I wanted to respond to some of the excellent points posted on that...other...thread.
Punkstank, I agree that rope halters are NOT designed for riding in, and inexperienced riders will lose control of their horses.
Sorrel Horse, I KNOW how much work it has taken for you to ride your mare bridleless and LISTENING--thanks for the photo (in the infamous other thread) to back it up.
Saddlebag, isn't it great that we can communicate (by changing bits) the "game" we're playing with our horses by the tack?
SpeedRacer, agreed with bitless bridles hurting the face. I've seen mechanical hackamores, the "bitless bridle" of it's day, rub the hide off of horses, hence, not gentle. I wonder, too, about the Mylar contraptions that connect with the poll, too. I prefer to use a pulley system ONLY with a bitting rig, while I am on the ground, training. (That's a pun on "ground training," ha, ha)
Bsms, you are right--every horse is an individual, and some will listen well without a bit, and some won't. I would NEVER ride Corporal without a bit. He LOVED to run, even in his old age, and couldn't be trusted without at least a snaffle in his mouth.
BlueSpark, you are SOOOOO right about the stupid horse fads, like the Bitless Bridle one. I'M sick of them, too.
BobtheBuilder, I HAVE seen the wrong of my ways. This happens a LOT to me bc I read posts here and study trainer's methods. Everything IS cruel when used incorrectly.
Highstepperlove, IDK know why, either--owned TWH'ers or crosses since 1986--but my KMH mare rides at the amble or lope best when she lightly leans on the bit. Must help with balance or something.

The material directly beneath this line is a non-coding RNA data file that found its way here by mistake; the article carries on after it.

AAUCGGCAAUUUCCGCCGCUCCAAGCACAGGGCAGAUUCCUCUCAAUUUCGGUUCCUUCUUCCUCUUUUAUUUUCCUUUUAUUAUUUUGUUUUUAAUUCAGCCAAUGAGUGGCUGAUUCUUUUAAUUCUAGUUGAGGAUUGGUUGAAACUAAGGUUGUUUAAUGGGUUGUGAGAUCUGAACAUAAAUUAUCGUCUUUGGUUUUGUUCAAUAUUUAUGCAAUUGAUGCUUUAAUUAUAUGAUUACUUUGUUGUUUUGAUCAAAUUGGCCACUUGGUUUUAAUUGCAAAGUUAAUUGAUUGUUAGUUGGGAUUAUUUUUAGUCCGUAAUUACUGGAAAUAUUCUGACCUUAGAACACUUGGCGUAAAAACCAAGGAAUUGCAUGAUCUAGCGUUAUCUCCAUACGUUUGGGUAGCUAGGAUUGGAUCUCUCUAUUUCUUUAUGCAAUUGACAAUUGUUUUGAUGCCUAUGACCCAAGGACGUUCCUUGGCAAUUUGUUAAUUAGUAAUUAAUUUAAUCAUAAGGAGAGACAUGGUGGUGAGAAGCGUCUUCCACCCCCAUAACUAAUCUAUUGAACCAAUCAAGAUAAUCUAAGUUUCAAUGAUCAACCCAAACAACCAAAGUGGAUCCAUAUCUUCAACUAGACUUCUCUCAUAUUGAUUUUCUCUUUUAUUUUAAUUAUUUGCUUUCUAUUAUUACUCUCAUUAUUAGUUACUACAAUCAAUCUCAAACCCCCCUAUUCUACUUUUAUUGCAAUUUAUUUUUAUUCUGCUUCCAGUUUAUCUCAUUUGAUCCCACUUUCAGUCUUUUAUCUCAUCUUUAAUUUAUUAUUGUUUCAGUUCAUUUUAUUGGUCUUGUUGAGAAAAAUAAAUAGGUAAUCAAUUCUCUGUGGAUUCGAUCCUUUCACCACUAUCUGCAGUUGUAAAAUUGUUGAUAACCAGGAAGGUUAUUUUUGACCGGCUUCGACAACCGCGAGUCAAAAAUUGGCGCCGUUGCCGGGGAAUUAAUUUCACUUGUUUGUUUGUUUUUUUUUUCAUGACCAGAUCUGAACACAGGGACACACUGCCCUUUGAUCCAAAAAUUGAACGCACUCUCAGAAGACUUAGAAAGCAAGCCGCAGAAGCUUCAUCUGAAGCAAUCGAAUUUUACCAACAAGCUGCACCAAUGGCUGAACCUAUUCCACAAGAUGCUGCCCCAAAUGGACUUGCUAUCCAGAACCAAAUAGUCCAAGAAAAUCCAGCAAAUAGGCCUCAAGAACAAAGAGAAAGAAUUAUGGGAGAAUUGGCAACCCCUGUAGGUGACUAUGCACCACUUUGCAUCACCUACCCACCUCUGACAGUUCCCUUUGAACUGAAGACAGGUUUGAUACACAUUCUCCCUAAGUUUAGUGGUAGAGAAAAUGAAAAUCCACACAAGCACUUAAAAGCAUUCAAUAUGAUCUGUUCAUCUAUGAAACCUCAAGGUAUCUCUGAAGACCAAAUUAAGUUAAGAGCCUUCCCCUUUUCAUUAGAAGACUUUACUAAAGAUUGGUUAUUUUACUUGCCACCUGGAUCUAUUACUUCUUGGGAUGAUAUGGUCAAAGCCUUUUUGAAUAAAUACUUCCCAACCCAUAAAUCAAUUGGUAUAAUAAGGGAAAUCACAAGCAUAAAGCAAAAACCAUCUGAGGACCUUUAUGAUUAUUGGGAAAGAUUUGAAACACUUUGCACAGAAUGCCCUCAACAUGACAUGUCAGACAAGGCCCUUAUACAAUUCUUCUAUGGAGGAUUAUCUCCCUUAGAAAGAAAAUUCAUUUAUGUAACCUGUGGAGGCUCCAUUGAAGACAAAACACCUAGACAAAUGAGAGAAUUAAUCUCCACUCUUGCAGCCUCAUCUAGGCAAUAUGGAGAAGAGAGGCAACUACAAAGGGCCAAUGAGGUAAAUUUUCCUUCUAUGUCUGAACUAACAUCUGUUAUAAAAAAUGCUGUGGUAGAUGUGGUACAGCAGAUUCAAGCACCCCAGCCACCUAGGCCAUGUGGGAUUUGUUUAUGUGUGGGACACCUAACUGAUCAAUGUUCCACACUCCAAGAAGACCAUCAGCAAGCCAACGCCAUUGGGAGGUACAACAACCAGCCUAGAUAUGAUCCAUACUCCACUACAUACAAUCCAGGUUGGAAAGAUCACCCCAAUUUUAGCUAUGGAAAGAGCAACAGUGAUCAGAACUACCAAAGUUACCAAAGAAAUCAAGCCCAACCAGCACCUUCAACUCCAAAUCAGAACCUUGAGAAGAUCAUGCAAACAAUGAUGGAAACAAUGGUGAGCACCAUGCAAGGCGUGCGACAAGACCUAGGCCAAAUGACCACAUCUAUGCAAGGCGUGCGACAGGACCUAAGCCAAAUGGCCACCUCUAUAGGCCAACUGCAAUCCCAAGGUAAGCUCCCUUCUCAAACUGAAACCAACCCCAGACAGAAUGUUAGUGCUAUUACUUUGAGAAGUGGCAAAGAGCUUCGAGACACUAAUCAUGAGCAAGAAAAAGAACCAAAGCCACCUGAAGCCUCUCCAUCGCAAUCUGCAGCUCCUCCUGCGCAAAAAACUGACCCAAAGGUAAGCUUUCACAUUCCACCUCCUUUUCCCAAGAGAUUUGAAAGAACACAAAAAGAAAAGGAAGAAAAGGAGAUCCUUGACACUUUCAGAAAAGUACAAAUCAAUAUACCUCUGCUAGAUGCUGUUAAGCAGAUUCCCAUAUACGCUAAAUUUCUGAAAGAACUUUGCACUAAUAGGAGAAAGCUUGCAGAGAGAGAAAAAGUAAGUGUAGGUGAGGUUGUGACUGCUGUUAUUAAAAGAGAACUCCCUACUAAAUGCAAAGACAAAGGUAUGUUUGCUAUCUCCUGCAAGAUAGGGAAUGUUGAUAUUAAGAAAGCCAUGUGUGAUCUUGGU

Just a little "bit" of advice if you want to argue online. We LOVE riding and working with horses and our other animals bc you can never know it all. What a wonderful time we live in where we can get quick answers to training problems that elude us, JUST by getting online, like this forum. When I don't agree with an opinion, I prefer to agree to disagree OR just not post.--I don't get to argue with my DH, an atty, bc he says I have to pay for one, like everybody else.
One, more thing...
COWCHICK, WHERE did you get that new Avatar picture?!?! TOTALLY ROFL!!!!
I think any horse can be safely controlled with a bosal, or well knotted rope hackamore. A regular rope halter would simply not do the same. Especially with a hot, or green horse. In my opinion they do not rub at all (unless you're hanging on the horses face). So yes horrible hands make bloody mouths and rub marks, but with a green rider I'd prefer them to hurt the horse less and use something they can't bully the horse they're riding with.
While I don't think bits are abuse, I do believe many people use them simply for the sake of showing. The ribbon winners, and such are so well trained they could easily be ridden without any tack but people use pain bits because... they want to compete. I just don't think this is just. But... it will always be that way sadly.
Ps just agreeing to disagree here, not starting a debate. (need more posts to do more things here)
...bsms, you are right--every horse is an individual, and some will listen well without a bit, and some won't. I would NEVER ride Corporal without a bit. He LOVED to run, even in his old age, and couldn't be trusted without at least a snaffle in his mouth...
Mia & I were out today with Trooper & my daughter. The weather has cleared a section of trail near me about 1/3 mile long so that it has no significant gullies and no big rocks. My daughter wanted to try a canter, so I put Mia in front, told Mia she was a ham-hoofed POS who probably couldn't trot - that being our normal signal that a canter is imminent - then asked her to go. She went. Leaped into a canter, and about 5 strides after that switched into a gallop.
In her defense, based on what I can piece together, it is likely she hadn't ever galloped in the open before (apart from bolting). Her life has been filled with corrals and small arenas. With a trail opening up ahead and a rider who wanted something faster than a trot...well, she delivered.
She loved it! You could see the light bulb go on above her head. "I'm a horse, and I'm strong, and I can go fast!"